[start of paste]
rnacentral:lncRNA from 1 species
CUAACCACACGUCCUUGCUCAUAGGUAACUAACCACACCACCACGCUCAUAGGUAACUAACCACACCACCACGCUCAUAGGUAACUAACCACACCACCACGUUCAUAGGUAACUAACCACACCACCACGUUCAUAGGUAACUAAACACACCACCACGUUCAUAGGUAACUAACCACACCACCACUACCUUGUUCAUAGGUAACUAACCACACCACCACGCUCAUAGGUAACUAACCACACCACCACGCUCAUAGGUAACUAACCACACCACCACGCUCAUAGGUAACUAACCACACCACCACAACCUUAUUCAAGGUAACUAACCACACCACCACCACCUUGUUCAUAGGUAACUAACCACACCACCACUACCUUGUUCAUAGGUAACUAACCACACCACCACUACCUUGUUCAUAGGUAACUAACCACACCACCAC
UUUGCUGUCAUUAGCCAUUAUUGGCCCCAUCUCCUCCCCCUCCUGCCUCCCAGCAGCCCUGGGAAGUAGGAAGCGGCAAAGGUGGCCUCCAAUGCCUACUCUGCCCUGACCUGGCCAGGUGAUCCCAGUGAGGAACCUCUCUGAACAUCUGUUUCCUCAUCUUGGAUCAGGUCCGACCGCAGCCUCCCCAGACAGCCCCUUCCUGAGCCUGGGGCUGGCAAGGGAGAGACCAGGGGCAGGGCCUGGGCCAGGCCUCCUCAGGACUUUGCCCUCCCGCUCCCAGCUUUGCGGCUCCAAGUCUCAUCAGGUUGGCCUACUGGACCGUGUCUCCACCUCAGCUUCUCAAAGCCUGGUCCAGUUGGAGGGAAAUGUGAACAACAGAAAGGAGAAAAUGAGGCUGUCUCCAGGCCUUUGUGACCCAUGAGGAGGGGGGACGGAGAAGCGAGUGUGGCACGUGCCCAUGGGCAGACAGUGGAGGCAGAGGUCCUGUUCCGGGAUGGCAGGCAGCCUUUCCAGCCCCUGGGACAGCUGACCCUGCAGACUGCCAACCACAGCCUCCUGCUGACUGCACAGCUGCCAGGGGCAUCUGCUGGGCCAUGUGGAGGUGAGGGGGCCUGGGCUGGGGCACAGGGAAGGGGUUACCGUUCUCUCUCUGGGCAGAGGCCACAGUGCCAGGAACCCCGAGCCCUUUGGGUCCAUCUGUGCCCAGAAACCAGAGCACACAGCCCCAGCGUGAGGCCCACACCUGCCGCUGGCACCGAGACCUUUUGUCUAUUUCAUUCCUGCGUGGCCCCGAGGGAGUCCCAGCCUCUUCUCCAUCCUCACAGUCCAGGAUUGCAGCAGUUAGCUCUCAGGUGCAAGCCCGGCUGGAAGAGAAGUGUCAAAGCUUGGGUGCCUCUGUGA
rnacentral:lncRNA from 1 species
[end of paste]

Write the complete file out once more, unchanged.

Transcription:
rnacentral:lncRNA from 1 species
CUAACCACACGUCCUUGCUCAUAGGUAACUAACCACACCACCACGCUCAUAGGUAACUAACCACACCACCACGCUCAUAGGUAACUAACCACACCACCACGUUCAUAGGUAACUAACCACACCACCACGUUCAUAGGUAACUAAACACACCACCACGUUCAUAGGUAACUAACCACACCACCACUACCUUGUUCAUAGGUAACUAACCACACCACCACGCUCAUAGGUAACUAACCACACCACCACGCUCAUAGGUAACUAACCACACCACCACGCUCAUAGGUAACUAACCACACCACCACAACCUUAUUCAAGGUAACUAACCACACCACCACCACCUUGUUCAUAGGUAACUAACCACACCACCACUACCUUGUUCAUAGGUAACUAACCACACCACCACUACCUUGUUCAUAGGUAACUAACCACACCACCAC
UUUGCUGUCAUUAGCCAUUAUUGGCCCCAUCUCCUCCCCCUCCUGCCUCCCAGCAGCCCUGGGAAGUAGGAAGCGGCAAAGGUGGCCUCCAAUGCCUACUCUGCCCUGACCUGGCCAGGUGAUCCCAGUGAGGAACCUCUCUGAACAUCUGUUUCCUCAUCUUGGAUCAGGUCCGACCGCAGCCUCCCCAGACAGCCCCUUCCUGAGCCUGGGGCUGGCAAGGGAGAGACCAGGGGCAGGGCCUGGGCCAGGCCUCCUCAGGACUUUGCCCUCCCGCUCCCAGCUUUGCGGCUCCAAGUCUCAUCAGGUUGGCCUACUGGACCGUGUCUCCACCUCAGCUUCUCAAAGCCUGGUCCAGUUGGAGGGAAAUGUGAACAACAGAAAGGAGAAAAUGAGGCUGUCUCCAGGCCUUUGUGACCCAUGAGGAGGGGGGACGGAGAAGCGAGUGUGGCACGUGCCCAUGGGCAGACAGUGGAGGCAGAGGUCCUGUUCCGGGAUGGCAGGCAGCCUUUCCAGCCCCUGGGACAGCUGACCCUGCAGACUGCCAACCACAGCCUCCUGCUGACUGCACAGCUGCCAGGGGCAUCUGCUGGGCCAUGUGGAGGUGAGGGGGCCUGGGCUGGGGCACAGGGAAGGGGUUACCGUUCUCUCUCUGGGCAGAGGCCACAGUGCCAGGAACCCCGAGCCCUUUGGGUCCAUCUGUGCCCAGAAACCAGAGCACACAGCCCCAGCGUGAGGCCCACACCUGCCGCUGGCACCGAGACCUUUUGUCUAUUUCAUUCCUGCGUGGCCCCGAGGGAGUCCCAGCCUCUUCUCCAUCCUCACAGUCCAGGAUUGCAGCAGUUAGCUCUCAGGUGCAAGCCCGGCUGGAAGAGAAGUGUCAAAGCUUGGGUGCCUCUGUGA
rnacentral:lncRNA from 1 species